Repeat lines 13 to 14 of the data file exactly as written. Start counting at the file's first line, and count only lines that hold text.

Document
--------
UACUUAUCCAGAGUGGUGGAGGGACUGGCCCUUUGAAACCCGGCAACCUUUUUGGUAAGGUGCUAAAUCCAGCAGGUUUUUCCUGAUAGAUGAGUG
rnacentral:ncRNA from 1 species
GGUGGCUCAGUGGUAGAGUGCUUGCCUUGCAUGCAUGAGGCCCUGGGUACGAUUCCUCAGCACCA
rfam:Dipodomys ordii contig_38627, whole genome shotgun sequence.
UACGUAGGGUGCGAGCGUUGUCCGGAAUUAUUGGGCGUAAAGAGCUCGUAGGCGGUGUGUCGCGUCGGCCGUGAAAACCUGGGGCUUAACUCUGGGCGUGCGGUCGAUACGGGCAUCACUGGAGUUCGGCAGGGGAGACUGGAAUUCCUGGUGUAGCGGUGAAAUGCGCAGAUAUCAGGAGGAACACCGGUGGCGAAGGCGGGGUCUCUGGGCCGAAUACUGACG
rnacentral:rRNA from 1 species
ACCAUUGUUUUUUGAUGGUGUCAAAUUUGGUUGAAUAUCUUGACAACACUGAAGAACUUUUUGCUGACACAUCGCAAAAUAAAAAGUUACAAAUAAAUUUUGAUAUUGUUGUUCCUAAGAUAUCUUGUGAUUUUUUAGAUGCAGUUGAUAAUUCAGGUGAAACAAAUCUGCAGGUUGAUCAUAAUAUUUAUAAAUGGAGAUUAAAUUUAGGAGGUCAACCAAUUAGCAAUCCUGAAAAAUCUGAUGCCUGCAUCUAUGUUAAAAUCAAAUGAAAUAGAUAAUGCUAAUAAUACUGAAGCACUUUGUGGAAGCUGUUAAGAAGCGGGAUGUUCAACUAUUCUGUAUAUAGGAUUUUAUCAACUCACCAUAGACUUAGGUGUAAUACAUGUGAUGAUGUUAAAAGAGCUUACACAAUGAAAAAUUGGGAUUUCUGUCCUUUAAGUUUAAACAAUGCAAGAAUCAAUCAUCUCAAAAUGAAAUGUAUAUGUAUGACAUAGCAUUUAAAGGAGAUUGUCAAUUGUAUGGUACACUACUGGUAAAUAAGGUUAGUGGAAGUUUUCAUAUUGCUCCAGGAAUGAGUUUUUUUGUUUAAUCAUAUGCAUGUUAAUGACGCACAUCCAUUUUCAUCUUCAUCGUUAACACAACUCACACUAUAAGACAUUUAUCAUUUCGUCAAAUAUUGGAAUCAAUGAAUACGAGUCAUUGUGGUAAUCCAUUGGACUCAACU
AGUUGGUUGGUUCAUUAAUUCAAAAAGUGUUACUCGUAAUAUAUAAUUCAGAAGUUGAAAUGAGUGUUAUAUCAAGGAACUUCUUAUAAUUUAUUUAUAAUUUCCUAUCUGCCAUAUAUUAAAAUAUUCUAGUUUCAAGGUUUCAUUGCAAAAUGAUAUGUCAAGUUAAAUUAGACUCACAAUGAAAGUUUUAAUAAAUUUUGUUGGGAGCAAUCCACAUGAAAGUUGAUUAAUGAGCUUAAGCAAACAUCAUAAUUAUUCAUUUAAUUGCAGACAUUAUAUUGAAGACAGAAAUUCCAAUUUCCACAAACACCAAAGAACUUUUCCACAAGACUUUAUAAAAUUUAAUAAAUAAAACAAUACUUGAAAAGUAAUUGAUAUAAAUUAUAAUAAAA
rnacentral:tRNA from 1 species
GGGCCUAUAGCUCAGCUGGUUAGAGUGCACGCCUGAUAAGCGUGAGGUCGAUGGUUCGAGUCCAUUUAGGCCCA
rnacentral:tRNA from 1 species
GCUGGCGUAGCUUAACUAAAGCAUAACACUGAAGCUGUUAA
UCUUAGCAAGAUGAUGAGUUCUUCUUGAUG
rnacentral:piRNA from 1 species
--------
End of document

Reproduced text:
UCUUAGCAAGAUGAUGAGUUCUUCUUGAUG
rnacentral:piRNA from 1 species